Brookings scholar Paul Blustein reviews Pandora’s Promise from Kamakura, Japan:
Chances are pretty high, based on prevailing public opinion, that you will think my wife and I are a tad crazy, maybe even guilty of child abuse. During the March 2011 accident at the Fukushima Dai-ichi nuclear plant, which is a couple hundred miles from where we live, we stayed put while thousands of others fled the Tokyo area and many foreigners left Japan for good. Not only that, we buy as much of our fruits and vegetables as possible from Fukushima Prefecture, the Connecticut-size jurisdiction where the plant is located (we even specially order boxes of Fukushima produce) while millions of others in Japan take extreme care to consume only food from the far west and south of the country. And yes, our whole family, including our 12- and 10-year-old sons, eats Fukushima food. We’re convinced it’s perfectly safe, and we like helping people whose products suffer from an unjust taint.
Are you recoiling in horror, perhaps even wishing the Japanese child welfare authorities would seize custody of our kids? If so, you are the ideal audience member for a provocative new film, titled Pandora’s Promise. This documentary focuses on five thoughtful environmentalists who were once terrified of radiation, and thought nuclear power was imperiling the planet’s future, but after educating themselves, they gradually realized that their assumptions were wrong. For people who are instinctively opposed to nuclear power but open-minded enough to consider evidence that goes against their predilections, this film will, and should, force them to question their certitude.
As someone who had to learn about radiation in a hurry after Fukushima, I was gratified to see how the educational process worked with these five environmentalists. Stewart Brand, founder of The Whole Earth Catalog, recalls being bewildered at first by the plethora of radiation exposure measurements (in millirems, microrems, millisieverts, microsieverts etc.). “You’re looking and squinting. ‘Okay, that looks like a large number. Is that a number I should worry about?’ Compared to what? What’s the background radiation level relative to all this?”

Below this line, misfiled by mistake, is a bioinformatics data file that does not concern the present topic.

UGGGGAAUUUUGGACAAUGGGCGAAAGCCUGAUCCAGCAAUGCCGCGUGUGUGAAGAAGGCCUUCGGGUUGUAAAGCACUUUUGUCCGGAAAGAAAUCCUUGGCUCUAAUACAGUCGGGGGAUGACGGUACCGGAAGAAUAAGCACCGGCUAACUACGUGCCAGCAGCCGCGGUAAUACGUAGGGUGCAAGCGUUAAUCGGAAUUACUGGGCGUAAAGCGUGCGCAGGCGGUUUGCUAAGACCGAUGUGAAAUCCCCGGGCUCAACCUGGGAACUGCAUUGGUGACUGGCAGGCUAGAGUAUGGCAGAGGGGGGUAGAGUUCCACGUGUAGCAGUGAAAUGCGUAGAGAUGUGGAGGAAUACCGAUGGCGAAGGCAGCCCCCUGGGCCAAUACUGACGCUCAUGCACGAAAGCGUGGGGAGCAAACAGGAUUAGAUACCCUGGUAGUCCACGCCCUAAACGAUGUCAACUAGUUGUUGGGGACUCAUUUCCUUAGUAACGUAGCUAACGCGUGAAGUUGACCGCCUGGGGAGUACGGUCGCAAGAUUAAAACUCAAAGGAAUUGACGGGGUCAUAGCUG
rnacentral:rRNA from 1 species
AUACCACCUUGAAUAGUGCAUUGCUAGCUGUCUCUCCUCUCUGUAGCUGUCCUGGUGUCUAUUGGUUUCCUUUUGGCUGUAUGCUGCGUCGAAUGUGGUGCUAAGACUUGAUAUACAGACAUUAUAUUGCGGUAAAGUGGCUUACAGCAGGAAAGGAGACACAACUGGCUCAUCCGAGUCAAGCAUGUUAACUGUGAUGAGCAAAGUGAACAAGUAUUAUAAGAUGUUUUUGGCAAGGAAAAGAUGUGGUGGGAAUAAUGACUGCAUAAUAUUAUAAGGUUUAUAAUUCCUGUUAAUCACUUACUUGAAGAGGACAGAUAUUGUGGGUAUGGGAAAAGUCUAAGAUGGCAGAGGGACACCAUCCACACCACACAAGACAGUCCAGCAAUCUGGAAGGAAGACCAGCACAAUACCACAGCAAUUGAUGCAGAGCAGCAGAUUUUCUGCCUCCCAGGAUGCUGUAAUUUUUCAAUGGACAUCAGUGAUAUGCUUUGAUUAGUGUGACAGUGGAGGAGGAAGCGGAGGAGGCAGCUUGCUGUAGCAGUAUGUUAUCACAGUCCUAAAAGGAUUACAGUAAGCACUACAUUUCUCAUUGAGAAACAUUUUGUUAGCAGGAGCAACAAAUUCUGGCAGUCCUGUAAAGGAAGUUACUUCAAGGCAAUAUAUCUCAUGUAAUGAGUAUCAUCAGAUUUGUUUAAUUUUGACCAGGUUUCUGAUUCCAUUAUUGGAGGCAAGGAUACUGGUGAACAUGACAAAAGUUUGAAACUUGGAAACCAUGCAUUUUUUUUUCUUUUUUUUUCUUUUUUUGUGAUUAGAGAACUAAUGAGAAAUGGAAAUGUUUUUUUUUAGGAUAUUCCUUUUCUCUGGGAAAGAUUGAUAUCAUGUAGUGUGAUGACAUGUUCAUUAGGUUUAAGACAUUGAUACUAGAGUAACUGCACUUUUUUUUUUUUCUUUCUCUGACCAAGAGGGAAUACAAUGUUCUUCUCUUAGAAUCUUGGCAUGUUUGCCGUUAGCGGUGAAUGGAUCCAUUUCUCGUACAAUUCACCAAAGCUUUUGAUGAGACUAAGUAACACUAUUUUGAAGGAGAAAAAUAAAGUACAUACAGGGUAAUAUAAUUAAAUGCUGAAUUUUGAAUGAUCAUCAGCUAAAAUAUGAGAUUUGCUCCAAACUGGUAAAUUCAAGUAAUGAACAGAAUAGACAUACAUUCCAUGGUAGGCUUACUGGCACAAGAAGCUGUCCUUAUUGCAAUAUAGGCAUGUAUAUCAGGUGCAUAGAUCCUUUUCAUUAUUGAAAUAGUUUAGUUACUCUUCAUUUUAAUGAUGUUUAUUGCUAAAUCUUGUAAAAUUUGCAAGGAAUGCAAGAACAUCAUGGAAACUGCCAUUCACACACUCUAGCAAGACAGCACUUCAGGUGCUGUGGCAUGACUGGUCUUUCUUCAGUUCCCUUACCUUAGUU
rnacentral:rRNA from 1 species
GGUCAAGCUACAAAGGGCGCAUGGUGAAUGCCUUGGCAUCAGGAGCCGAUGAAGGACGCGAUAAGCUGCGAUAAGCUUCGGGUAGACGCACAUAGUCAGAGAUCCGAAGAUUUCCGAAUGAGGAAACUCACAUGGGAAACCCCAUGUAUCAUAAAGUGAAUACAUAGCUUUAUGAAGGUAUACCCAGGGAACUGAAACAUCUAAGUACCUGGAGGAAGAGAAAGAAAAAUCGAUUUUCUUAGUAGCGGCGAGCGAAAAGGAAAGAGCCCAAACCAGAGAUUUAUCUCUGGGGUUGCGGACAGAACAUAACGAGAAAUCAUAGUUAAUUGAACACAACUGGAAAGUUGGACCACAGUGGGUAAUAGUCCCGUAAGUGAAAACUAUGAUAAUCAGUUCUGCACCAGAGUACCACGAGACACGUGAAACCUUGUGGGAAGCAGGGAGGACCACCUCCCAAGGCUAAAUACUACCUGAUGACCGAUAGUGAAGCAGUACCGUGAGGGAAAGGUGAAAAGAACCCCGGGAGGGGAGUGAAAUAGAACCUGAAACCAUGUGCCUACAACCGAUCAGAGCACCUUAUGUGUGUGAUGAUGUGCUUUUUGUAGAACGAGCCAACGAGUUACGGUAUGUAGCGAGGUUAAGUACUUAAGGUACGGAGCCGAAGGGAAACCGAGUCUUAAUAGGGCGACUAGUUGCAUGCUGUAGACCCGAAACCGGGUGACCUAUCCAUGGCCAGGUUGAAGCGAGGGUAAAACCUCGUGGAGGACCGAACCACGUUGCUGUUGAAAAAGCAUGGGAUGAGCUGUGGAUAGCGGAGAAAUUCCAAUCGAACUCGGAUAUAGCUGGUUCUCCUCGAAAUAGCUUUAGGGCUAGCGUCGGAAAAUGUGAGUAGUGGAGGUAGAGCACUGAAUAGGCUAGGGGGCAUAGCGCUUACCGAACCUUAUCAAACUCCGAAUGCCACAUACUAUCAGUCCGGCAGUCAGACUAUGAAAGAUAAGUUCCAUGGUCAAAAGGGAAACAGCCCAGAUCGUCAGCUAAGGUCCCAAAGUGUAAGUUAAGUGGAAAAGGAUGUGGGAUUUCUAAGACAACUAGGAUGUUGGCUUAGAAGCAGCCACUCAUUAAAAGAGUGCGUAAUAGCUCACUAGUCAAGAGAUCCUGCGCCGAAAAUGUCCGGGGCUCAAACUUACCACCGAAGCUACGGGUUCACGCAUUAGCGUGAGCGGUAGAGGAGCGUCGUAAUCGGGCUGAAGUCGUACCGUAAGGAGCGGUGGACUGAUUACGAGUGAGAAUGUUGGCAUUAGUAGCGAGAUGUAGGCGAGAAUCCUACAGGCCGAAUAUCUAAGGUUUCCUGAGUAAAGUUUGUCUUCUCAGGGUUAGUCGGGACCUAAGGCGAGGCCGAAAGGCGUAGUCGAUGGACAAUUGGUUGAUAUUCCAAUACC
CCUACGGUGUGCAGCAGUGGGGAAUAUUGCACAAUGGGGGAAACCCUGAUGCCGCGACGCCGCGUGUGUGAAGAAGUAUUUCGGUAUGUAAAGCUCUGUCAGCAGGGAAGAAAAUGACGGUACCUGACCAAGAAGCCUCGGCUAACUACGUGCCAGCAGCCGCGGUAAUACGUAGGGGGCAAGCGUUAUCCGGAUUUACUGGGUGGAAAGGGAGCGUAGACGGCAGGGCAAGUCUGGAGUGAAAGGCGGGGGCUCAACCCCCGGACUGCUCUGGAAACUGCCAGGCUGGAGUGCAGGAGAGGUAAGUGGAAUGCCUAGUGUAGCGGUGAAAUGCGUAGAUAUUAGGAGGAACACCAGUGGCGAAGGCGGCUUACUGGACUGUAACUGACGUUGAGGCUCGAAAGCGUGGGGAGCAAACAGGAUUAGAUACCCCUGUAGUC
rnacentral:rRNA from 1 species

Like me, the enviros in the film were astonished to come across extensive evidence about the minimal physiological impact of contamination from major nuclear accidents. The best example is Chernobyl, where the radiation emissions in 1986 were by far the largest in history; nearly three decades later, studies show that the main effects on the general population in the area have overwhelmingly been on the mental and emotional health of people who thought they were doomed to cancer and succumbed as a result to maladies such as depression and substance abuse. (The chief documented exception is the 6,000-odd cases of thyroid cancer contracted by children after drinking milk from cows fed on grass contaminated with radioactive iodine. Soviet authorities failed to warn people of this danger, though only a handful of the victims have reportedly died of the ailment, which is one of the least lethal forms of cancer.)
Paul Blustein was formerly the Tokyo correspondent for the Washington Post.